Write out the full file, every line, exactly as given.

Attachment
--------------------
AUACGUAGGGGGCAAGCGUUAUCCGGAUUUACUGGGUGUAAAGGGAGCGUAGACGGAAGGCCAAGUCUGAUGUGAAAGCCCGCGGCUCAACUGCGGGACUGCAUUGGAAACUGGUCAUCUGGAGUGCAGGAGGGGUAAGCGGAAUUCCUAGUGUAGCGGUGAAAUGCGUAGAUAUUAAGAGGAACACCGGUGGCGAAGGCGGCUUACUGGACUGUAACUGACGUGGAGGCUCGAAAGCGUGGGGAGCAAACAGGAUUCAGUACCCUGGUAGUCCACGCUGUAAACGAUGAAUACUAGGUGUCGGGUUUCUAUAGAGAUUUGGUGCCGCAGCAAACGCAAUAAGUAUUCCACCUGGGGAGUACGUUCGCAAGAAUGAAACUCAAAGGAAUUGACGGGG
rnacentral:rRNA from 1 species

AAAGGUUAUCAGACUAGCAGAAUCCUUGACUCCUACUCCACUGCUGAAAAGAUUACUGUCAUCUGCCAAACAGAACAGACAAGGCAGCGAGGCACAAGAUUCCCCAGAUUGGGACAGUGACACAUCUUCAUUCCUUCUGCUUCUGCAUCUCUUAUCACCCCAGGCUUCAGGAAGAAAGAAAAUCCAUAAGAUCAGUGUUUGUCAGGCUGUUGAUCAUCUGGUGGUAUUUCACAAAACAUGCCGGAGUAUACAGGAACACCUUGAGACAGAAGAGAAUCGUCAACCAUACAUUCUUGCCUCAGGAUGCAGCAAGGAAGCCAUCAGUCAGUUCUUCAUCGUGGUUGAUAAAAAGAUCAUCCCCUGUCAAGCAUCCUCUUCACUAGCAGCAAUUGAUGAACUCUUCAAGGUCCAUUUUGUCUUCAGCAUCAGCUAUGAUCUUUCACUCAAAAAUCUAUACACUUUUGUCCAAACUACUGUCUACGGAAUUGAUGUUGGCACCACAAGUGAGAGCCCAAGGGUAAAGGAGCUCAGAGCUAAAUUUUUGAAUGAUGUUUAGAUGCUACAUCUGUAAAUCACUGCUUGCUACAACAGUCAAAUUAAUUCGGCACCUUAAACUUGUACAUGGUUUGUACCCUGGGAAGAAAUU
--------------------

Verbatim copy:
AUACGUAGGGGGCAAGCGUUAUCCGGAUUUACUGGGUGUAAAGGGAGCGUAGACGGAAGGCCAAGUCUGAUGUGAAAGCCCGCGGCUCAACUGCGGGACUGCAUUGGAAACUGGUCAUCUGGAGUGCAGGAGGGGUAAGCGGAAUUCCUAGUGUAGCGGUGAAAUGCGUAGAUAUUAAGAGGAACACCGGUGGCGAAGGCGGCUUACUGGACUGUAACUGACGUGGAGGCUCGAAAGCGUGGGGAGCAAACAGGAUUCAGUACCCUGGUAGUCCACGCUGUAAACGAUGAAUACUAGGUGUCGGGUUUCUAUAGAGAUUUGGUGCCGCAGCAAACGCAAUAAGUAUUCCACCUGGGGAGUACGUUCGCAAGAAUGAAACUCAAAGGAAUUGACGGGG
rnacentral:rRNA from 1 species

AAAGGUUAUCAGACUAGCAGAAUCCUUGACUCCUACUCCACUGCUGAAAAGAUUACUGUCAUCUGCCAAACAGAACAGACAAGGCAGCGAGGCACAAGAUUCCCCAGAUUGGGACAGUGACACAUCUUCAUUCCUUCUGCUUCUGCAUCUCUUAUCACCCCAGGCUUCAGGAAGAAAGAAAAUCCAUAAGAUCAGUGUUUGUCAGGCUGUUGAUCAUCUGGUGGUAUUUCACAAAACAUGCCGGAGUAUACAGGAACACCUUGAGACAGAAGAGAAUCGUCAACCAUACAUUCUUGCCUCAGGAUGCAGCAAGGAAGCCAUCAGUCAGUUCUUCAUCGUGGUUGAUAAAAAGAUCAUCCCCUGUCAAGCAUCCUCUUCACUAGCAGCAAUUGAUGAACUCUUCAAGGUCCAUUUUGUCUUCAGCAUCAGCUAUGAUCUUUCACUCAAAAAUCUAUACACUUUUGUCCAAACUACUGUCUACGGAAUUGAUGUUGGCACCACAAGUGAGAGCCCAAGGGUAAAGGAGCUCAGAGCUAAAUUUUUGAAUGAUGUUUAGAUGCUACAUCUGUAAAUCACUGCUUGCUACAACAGUCAAAUUAAUUCGGCACCUUAAACUUGUACAUGGUUUGUACCCUGGGAAGAAAUU